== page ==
One of the Woodson Research Center’s original documents is highlighted in a new module entitled “Slavery and the Law in the Old South” written by John Marks, a graduate student in Rice’s Department of History.
The item features a Houston slave named Nathan being tried for murder in the Walker County (Texas) District Court in 1855, with Judge Peter Gray presiding. At that time, “the courts generally treated slaves as persons when tried for criminal offenses, and as property during civil trials. This module highlights a document that offers a window into the somewhat contradictory nature of enslaved people’s interactions with the legal system.
Judge Peter W. Gray’s instructions to the jury [see full version as a pdf ] before deliberation during the 1855 trial of Nathan, a slave living in Houston – one item in Judge Gray’s personal papers housed at the Woodson Research Center [see finding aid to the full collection] – highlights the difficulty in dealing with the enslaved as both persons and property, as well as this adherence to procedure.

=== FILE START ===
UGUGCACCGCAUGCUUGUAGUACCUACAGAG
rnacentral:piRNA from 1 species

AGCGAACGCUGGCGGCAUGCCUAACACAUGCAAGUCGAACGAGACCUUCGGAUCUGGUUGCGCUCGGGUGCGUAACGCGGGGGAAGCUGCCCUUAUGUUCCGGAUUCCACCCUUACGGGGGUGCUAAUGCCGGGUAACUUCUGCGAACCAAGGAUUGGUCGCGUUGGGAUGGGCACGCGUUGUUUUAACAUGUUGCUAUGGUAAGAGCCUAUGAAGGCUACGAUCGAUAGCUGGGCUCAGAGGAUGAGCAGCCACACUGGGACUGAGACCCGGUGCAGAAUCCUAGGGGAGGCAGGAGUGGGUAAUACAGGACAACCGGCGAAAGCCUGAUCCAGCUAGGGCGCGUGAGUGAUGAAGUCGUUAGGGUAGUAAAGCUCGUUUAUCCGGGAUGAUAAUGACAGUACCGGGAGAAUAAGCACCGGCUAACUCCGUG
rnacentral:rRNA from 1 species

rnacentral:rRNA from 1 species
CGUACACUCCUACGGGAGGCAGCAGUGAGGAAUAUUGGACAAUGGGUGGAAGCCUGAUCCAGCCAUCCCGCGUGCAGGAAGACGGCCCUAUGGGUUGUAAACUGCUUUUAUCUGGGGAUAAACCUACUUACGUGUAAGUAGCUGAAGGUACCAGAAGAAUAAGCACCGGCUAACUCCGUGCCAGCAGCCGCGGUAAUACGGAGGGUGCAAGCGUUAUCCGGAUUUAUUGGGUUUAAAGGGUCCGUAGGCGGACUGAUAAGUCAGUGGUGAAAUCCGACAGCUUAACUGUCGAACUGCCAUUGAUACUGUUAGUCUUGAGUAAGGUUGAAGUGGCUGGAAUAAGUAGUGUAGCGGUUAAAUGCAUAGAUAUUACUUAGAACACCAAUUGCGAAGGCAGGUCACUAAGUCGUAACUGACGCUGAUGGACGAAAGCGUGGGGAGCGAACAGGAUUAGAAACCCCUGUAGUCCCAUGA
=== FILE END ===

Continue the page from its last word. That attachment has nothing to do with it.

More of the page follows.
The State of Texas accused Nathan of murdering George Thomason, a white man. Despite Nathan’s enslaved status, however, Judge Gray instructed the jury that “[t]he prisoner though a slave is entitled by law to the same fair and impartial trial as if he were a white citizen and the same rules of evidence and principles of law are to be applied to the consideration and decision of this case as to that of any other person.” Judge Gray continued, further instructing the jury that “[i]f from the evidence you are satisfied beyond a reasonable doubt that the accused did kill George Thomason…then you will find him ‘guilty,’ but if not satisfied of this beyond a reasonable doubt then Not Guilty.”
Read the full module online to learn how this case was resolved and for links to related materials at the Woodson Research Center.